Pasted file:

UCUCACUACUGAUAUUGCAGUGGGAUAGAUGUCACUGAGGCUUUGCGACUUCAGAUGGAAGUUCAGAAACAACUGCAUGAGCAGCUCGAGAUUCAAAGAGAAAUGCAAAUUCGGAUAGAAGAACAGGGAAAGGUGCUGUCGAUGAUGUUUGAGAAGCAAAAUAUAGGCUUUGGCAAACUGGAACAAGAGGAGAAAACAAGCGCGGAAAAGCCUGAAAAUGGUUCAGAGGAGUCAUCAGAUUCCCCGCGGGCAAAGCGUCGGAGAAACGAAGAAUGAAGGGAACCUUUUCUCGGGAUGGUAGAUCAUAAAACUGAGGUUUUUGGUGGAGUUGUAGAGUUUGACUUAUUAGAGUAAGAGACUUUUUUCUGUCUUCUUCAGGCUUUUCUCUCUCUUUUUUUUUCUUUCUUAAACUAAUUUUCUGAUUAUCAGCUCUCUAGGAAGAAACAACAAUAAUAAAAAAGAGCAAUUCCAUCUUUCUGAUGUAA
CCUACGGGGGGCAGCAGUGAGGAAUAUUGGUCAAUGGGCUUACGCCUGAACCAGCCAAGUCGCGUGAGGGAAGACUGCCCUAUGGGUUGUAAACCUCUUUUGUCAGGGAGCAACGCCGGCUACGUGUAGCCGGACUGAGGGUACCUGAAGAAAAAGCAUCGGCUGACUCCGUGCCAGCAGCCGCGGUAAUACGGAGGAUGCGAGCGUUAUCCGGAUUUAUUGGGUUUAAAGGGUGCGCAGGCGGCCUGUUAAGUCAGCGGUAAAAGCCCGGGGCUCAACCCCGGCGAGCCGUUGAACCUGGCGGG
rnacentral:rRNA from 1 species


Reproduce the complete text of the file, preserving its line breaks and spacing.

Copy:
UCUCACUACUGAUAUUGCAGUGGGAUAGAUGUCACUGAGGCUUUGCGACUUCAGAUGGAAGUUCAGAAACAACUGCAUGAGCAGCUCGAGAUUCAAAGAGAAAUGCAAAUUCGGAUAGAAGAACAGGGAAAGGUGCUGUCGAUGAUGUUUGAGAAGCAAAAUAUAGGCUUUGGCAAACUGGAACAAGAGGAGAAAACAAGCGCGGAAAAGCCUGAAAAUGGUUCAGAGGAGUCAUCAGAUUCCCCGCGGGCAAAGCGUCGGAGAAACGAAGAAUGAAGGGAACCUUUUCUCGGGAUGGUAGAUCAUAAAACUGAGGUUUUUGGUGGAGUUGUAGAGUUUGACUUAUUAGAGUAAGAGACUUUUUUCUGUCUUCUUCAGGCUUUUCUCUCUCUUUUUUUUUCUUUCUUAAACUAAUUUUCUGAUUAUCAGCUCUCUAGGAAGAAACAACAAUAAUAAAAAAGAGCAAUUCCAUCUUUCUGAUGUAA
CCUACGGGGGGCAGCAGUGAGGAAUAUUGGUCAAUGGGCUUACGCCUGAACCAGCCAAGUCGCGUGAGGGAAGACUGCCCUAUGGGUUGUAAACCUCUUUUGUCAGGGAGCAACGCCGGCUACGUGUAGCCGGACUGAGGGUACCUGAAGAAAAAGCAUCGGCUGACUCCGUGCCAGCAGCCGCGGUAAUACGGAGGAUGCGAGCGUUAUCCGGAUUUAUUGGGUUUAAAGGGUGCGCAGGCGGCCUGUUAAGUCAGCGGUAAAAGCCCGGGGCUCAACCCCGGCGAGCCGUUGAACCUGGCGGG
rnacentral:rRNA from 1 species